Chances are, you have a smart phone. You use it to check email, make social media posts, take pictures, send and receive texts, search the internet, listen to music and podcasts, and you may even use your phone for that most old fashioned of applications: calling someone.
By design, your smart phone benefits you. But do you know how your smart phone operates? Granted, you know how to access many of the applications your handheld device offers, but do you know how your phone works? Do you know how it was made? Or even where? Nope, you don’t.
Put simply, you needn’t understand the science, technology, or production methods used to make your phone, to effectively work with your phone.
That’s our consumer when it comes to food. They don’t need to know — or in many cases even care to know — the science or back story of food production.
Imagine Your Phone Is Our Consumer’s Food
Just as you’ve become accustomed to having your phone constantly within reach and always having a signal, our customer has gotten accustomed to having plenty of food in a vast array of choices. At least here in North America and other developed countries.
So don’t fault them for wanting their food their way and foregoing the education. Their belly is full despite their lack of education from us in Ag.
The Problem With “Educating The Consumer”
When we in Agriculture say, “we need to educate the consumer,” it sounds a lot like: “We’re going to do things the way we choose out here in commodity Ag production and tell our customers they need to accept it.” It’s generally used to justify how we do things in light of scrutiny.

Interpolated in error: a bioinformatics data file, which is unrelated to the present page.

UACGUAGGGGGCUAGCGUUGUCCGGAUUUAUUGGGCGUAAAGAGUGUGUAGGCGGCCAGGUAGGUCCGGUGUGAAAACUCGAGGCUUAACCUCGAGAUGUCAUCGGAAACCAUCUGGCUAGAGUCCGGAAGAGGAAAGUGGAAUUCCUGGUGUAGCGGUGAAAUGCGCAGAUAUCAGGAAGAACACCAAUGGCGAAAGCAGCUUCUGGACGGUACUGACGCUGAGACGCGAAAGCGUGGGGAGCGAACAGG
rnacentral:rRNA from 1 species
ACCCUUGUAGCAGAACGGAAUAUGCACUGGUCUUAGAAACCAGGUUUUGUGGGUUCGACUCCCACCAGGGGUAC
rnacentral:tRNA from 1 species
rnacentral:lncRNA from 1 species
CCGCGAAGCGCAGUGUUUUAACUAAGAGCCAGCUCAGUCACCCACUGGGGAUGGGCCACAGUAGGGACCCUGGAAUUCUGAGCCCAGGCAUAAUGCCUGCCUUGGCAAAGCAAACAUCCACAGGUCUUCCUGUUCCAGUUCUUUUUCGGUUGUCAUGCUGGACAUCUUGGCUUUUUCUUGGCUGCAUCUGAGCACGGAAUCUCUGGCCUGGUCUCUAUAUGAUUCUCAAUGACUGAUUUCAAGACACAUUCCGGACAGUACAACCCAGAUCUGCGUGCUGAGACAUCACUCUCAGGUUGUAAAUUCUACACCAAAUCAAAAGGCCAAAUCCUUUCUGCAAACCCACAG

I’m not saying there’s not a need to inform our non-farm customer base of the amazing things we do to produce our bounty. I’m merely pointing out that most calls to educate the consumer arise from our defensive nature when consumers question our processes, be they in animal care, crop protection, or environmental stewardship.
There’s one more glaring problem with Ag’s oft-used slogan imploring we in the business to “educate our consumers:” It implies our customers are stupid. Granted, there’s a difference between stupidity and ignorance. But to the person on the receiving end of being told they need educated, it doesn’t sound that way.
Change The Curriculum
For our industry to survive, we need consumers. For consumers to survive, they need us. We’re completely dependent on each other. But that doesn’t mean our customers are without choice. As technology increasingly allows us to produce in surplus, our customers will become more demanding because they can be.
53% of the U.S. population consider themselves foodies, per a 2019 OnePoll, with foodie defined as a person with a particular interest in food. Today’s consumer has an intense interest in food — note the pandemic-induced increase in home baking for example — they just want it their way, despite our education efforts.
I’m all for providing information to our consumers about the fabulous-ness of our farming and food production systems. I’ve been doing so for years and will continue to do so. I’m simply calling for a change to the curriculum.
“Educating the consumer” has been a reactionary rallying cry to defend how we do what we do in commodity production. Our customers are demanding different — and sometimes better — options.
Perhaps it’s time for we in Ag to follow the old business axiom about “meeting the customer where they are.” We should adjust our mindset and array of production methods to serve customers, rather than thinking we can educate them.
After all, Ag — like all businesses — is a consumer driven one. Done right, it might mean higher margins in more differentiated products. Remember, you moved on from a flip phone to a 5G smart phone and paid a lot more for it. You still don’t know how it works, but you’re getting more perceived utility from it!
Damian Mason is an Agricultural economist, farm owner, business man, podcast producer, and food author. Find him at www.damianmason.com